The New Hampshire Charitable Foundation launched Screen & Intervene, an evidence-based “screening, brief intervention and referral to treatment” (SBIRT) protocol for youth in 2014. The Governor’s Commission on Alcohol and Other Drug Abuse Prevention, Intervention, Treatment and Recovery had identified health care professionals as key to supporting a culture change in the way alcohol and drug use are viewed and addressed.
SBIRT has been implemented in 23 medical facilities across New Hampshire with a $2.25 million grant from the Conrad N. Hilton Foundation, and health care professionals have become more effective messengers for prevention and early intervention.
More than 15,000 young people have gotten effective screening with intervention and referral to additional care if needed, and more than ever are having meaningful and consistent conversations about substance use with their primary care providers.
Here is the first of a series of case studies from sites around the state, providing insights about how the new protocol is improving the health of young people.
The White Mountain Community Health Center in Conway serves communities in the rural northern part of the state, an area with historically high rates of substance misuse. SBIRT has become part of the culture of this center — and, by extension, of the communities it serves.
Julie Everett Hill, RN, director of operations at White Mountain, oversaw the adoption of SBIRT at the center (and its 100 percent screening rate for young people). She said that, soon after, as the center implemented SBIRT, young patients came in expecting it. “Kids were talking about it to one another,” she said. “Now that we have been doing it for almost two years, it is just a normal part of what we do. It’s just another vital sign. We take your height, we take your weight, we ask about healthy lifestyle and risks.”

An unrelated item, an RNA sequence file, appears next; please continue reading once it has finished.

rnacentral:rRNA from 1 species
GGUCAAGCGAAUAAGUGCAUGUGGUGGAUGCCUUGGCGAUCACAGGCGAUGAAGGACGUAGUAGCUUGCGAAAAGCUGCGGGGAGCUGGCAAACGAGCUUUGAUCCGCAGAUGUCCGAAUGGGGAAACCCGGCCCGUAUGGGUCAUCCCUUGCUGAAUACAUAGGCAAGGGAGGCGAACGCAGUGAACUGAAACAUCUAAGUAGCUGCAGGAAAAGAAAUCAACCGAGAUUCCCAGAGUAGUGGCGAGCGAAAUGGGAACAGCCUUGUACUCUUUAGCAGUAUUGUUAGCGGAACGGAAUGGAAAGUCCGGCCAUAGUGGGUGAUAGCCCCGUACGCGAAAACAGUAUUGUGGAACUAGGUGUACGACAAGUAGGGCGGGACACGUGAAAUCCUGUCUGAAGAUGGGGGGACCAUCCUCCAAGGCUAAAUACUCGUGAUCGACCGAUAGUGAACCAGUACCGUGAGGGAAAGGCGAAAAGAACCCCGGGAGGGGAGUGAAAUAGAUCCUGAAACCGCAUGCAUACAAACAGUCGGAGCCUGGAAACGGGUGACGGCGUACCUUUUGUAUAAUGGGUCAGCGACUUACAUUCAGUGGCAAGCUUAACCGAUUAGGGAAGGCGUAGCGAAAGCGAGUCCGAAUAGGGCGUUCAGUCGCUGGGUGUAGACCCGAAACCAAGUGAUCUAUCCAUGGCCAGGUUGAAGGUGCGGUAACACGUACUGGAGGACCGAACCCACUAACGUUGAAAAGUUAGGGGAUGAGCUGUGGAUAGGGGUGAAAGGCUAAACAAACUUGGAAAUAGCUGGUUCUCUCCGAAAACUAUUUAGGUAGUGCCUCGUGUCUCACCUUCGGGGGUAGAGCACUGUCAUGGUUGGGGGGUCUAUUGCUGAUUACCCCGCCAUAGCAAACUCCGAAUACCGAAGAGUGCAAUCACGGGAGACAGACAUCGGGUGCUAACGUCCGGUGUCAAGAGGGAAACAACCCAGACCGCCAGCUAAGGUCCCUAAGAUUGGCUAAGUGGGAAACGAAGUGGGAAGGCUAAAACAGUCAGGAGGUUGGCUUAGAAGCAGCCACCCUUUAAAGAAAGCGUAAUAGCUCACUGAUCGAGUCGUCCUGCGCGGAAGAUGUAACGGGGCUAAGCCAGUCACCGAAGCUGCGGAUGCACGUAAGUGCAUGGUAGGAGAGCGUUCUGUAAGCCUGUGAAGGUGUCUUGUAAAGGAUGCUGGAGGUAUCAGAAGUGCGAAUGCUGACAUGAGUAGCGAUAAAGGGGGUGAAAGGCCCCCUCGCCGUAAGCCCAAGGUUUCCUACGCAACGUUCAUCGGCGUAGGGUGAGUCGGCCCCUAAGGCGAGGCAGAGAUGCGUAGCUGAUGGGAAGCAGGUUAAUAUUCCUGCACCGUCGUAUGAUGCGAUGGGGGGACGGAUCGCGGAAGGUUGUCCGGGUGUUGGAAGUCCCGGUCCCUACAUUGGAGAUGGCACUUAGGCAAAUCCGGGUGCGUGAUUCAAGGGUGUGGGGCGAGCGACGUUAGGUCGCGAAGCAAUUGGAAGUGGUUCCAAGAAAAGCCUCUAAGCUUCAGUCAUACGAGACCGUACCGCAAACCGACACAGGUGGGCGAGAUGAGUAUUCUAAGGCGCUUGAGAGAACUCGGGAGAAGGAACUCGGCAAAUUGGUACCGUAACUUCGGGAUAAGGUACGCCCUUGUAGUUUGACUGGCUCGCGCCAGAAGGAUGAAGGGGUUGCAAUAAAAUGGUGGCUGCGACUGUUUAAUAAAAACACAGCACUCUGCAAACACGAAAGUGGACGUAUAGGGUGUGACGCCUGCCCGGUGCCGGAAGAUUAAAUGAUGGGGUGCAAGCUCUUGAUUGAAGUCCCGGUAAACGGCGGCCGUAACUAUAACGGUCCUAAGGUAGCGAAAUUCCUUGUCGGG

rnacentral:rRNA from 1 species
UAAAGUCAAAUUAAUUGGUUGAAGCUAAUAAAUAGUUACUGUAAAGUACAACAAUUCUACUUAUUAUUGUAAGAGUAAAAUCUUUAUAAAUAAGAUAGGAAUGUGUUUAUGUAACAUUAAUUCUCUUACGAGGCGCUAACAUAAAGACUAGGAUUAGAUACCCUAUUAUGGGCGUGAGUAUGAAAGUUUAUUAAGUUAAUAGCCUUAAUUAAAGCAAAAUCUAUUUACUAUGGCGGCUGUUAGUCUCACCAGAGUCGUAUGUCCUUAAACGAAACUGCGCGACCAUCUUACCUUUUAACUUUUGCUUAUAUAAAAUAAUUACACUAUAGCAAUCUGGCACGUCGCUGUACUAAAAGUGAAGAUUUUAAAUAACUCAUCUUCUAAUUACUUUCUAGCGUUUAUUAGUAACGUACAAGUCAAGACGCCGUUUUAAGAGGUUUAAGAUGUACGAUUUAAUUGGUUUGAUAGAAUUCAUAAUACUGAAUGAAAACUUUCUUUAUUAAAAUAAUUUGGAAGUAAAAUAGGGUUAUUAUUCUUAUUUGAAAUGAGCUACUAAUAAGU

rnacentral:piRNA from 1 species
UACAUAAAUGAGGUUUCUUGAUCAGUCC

The center trained its own staff in screening and in motivational interviewing — and invited other providers, from midwives to behavioral health professionals, to take advantage of the training as well. Hill has continued to bring the training to other facilities in the region.
“We want SBIRT to be a standard for the whole community,” Hill said. “It’s no different than making sure everybody in the community is taking a blood pressure the same way.”
Hill said it worked well to have an SBIRT implementation team with representatives of all departments that will be affected by the system — from clinical staff to medical records and billing. And to test the new protocol with a single provider and their team first, before rolling it out system-wide.
SBIRT not only catches problematic substance use — it also gives providers a chance to give a healthy dose of positive reinforcement as prevention when kids report that they are not using alcohol or drugs.
“If we can catch kids before they start using, and tell them we care and give them the message that it does impact their health, then ten years down the road maybe we will see that they have made healthy choices because they have gotten consistent messaging from their health care providers.”
Providers at White Mountain have found that kids really open up and want to talk. SBIRT provides the tools and training for productive conversations to happen.
“They are just waiting for you to ask,” she said. “They want to talk so badly. If you don’t ask about it at all, they don’t talk about it. But if you ask sincerely and sit and wait and listen, they really need someone to talk to and they want to talk about it. And those conversations are what I think, long-term, is going to make the difference.”